As I’ve often noted, Christian Mysticism isn’t a matter of content, but a way of approaching the question of religion. I dare say most of the Christian Mystics I’ve read do not at all believe in the doctrine of the Fall as I do. While I share their approach, particularly in making religion essentially personal, I don’t share their philosophical assumptions about human nature.
Along my personal journey, one of the influences that helped to shape my assumptions was Asimov’s Foundation Trilogy. While I’m ambivalent about the business of the Fourth Turning on which the linked article is based, I have to agree with some of Jim Quinn’s assessment of human nature at large. The primary reason I differ with him is that his analysis betrays his assumptions: that he is still a devoted fan of Western epistemology.
While it is variously labeled in the studies of Comparative Civilization, one of the key elements in how a civilization fares is the relative presence of altruism, particularly whether it extends outside the family, and how far it extends. It’s the interplay of pushy versus considerate. It’s not a question of being polite or even compassionate, but whether, and on what grounds, you’ll make room for people who are pushy. How pushy do we expect people to be and on what grounds? Where are the boundaries?
It shows up in all kinds of ways. For example, Americans and northern Europeans share a certain set of assumptions about driving automobiles. We make a big deal out of the recent rise in “road rage,” but in places like Russia, there has always been road rage. It’s not that Russians don’t show compassion to the victims of crashes; you’ll always see uninvolved people clustering around a wreck trying to help. But it’s the basic assumptions about what constitutes proper behavior while driving that causes them to have a higher rate of traffic collisions in the first place: They aren’t very forgiving and take umbrage much more quickly against very normal human mistakes.
Americans are often shocked at videos of how Russians drive. We share with northern Europeans this sense of good order in social conduct that generally extends to our driving habits. We have a different set of assumptions about what is normal for civilized behavior. Most Westerners further assume their assumptions are, or should be, the human default. Most critically, they assume it is rightly rule-based and universal, instead of protocol-based and contextual. The Bible assumes the latter. Quinn’s approach to the question of predicting human behavior at large assumes the former.
My brand of mysticism says that we are hard-wired for eastern feudalism, that it’s the form of social control God designed us for and what His revelation designed for us. Biblical social constraints rest entirely on that eastern feudal sense of what ought to be; it assumes an inescapable fallen nature. The whole system arises from God’s revelation of human instincts. The only solution offered begins with reaching outside this world, to the Maker and Master of all things. Any social structure that starts elsewhere inevitably fails. It assumes that all Creation is inherently personal in nature, that the universe is not the net result of impersonal forces.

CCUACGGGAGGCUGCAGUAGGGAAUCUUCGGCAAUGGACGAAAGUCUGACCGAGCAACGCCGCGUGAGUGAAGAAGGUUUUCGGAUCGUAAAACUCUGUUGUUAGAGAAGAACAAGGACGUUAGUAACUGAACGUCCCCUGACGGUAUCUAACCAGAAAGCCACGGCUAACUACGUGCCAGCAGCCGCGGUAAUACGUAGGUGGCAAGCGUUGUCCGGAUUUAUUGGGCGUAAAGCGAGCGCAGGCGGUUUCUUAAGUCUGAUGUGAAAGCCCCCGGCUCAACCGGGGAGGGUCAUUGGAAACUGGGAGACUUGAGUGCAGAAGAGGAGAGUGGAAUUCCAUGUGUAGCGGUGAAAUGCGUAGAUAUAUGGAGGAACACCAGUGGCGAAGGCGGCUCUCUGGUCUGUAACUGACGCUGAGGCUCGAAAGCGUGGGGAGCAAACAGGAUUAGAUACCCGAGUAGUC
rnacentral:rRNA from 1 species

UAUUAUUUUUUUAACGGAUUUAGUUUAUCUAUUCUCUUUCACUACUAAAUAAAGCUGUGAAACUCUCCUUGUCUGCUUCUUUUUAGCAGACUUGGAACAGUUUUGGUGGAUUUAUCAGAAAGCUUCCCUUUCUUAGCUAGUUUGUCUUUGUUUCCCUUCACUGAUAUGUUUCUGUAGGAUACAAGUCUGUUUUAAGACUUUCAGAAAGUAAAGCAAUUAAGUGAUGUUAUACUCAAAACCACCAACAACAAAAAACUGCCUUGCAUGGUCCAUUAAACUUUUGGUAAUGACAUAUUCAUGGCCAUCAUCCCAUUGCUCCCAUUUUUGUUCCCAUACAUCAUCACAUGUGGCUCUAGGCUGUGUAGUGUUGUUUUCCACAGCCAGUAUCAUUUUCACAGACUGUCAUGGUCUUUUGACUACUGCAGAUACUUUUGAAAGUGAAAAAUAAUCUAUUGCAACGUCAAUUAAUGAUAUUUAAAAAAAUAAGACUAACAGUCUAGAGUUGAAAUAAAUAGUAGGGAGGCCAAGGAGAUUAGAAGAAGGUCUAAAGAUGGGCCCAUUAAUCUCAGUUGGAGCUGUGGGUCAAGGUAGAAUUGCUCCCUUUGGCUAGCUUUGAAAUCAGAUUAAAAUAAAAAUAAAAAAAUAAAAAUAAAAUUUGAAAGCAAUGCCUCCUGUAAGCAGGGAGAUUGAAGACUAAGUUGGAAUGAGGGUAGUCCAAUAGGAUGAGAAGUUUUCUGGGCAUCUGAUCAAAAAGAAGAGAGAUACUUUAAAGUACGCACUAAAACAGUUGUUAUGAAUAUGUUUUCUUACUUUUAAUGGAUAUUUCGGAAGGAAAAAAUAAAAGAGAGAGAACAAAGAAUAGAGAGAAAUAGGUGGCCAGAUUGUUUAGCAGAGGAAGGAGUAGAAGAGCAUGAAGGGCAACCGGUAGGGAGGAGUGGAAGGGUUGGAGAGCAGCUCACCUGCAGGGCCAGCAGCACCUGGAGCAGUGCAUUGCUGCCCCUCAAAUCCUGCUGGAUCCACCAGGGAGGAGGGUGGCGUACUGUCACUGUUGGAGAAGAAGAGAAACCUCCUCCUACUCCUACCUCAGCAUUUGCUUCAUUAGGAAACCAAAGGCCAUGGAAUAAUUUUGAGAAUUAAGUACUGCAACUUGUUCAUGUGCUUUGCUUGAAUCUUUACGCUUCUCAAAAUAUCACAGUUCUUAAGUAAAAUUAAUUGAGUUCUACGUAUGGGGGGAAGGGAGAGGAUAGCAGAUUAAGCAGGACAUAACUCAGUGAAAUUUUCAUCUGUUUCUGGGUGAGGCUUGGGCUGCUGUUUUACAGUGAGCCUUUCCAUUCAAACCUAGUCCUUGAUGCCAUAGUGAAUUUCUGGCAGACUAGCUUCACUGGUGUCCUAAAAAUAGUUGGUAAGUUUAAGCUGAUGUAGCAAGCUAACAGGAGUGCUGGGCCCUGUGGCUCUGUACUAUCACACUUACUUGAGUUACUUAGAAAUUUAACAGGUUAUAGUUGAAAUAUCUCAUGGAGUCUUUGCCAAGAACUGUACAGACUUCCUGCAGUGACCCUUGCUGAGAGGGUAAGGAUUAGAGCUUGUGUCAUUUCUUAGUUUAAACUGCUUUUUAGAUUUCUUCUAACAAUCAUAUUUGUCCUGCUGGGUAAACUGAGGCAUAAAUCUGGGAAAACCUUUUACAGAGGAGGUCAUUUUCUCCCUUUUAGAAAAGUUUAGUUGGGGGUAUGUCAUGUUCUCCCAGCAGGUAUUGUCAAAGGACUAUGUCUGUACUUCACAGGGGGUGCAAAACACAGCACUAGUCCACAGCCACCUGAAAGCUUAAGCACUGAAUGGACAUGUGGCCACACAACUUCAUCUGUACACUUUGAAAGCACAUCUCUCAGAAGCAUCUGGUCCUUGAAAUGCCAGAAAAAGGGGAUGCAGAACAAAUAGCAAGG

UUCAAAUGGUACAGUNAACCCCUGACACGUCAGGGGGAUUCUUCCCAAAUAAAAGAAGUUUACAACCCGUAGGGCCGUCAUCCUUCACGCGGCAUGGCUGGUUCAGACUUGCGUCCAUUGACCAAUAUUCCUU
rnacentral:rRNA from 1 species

Further, I believe that the particular kinds of human failure are predicted by such assumptions about human behavior. By the same token, I assert that Biblical assumptions about human nature focus on a wholly different value system in terms of what really matters in the first place. It’s a different set of morals entirely.
So while I acknowledge the statistical accuracy of Fourth Turning analysis, I reject the moral assumptions behind it. We are up against two major issues here. First is the Western epistemology that demands we measure and evaluate the results of moral choices in material terms. This is why the mechanics of economics are an obsession with both left and right moral arguments. Second, Western Christianity assumes this is how God operates. Western intellectual assumptions offer no room for self-doubt; they compel the worship of one’s own reason. Despite lip-service to the contrary, genuine humility is a sin in Western morality. Western assumptions insist it must be impersonal.
This is why we have Asimov propounding his “psychohistory” — it is founded on the arrogance of Western epistemology. It remains fiction because it cannot do the job; it fails before it starts. It ignores very real moral elements of human nature because they are rooted outside the material universe. Western epistemology assumes the universe is the limit of reality. I have to agree with the idea that free will manifests on the individual level, but fades into insignificance when the numbers scale upward. And I do agree with how people in power resent the implication that they are actually powerless on a wider scale. However, I don’t agree with the idea that numbers alone can explain the wars, and I wholly reject that something like psychohistory could possibly predict human behavior.
The Bible predicted human behavior-at-large a long time ago. If you can embrace that other epistemology and understand the mystical outlook underlying the prophetic assessment of humanity’s future, nothing you see now would surprise you. Indeed, it’s hard to avoid a prophetic mindset once you really understand the Bible from the perspective of those who wrote it. You’re going to see a lot of things coming before they arrive.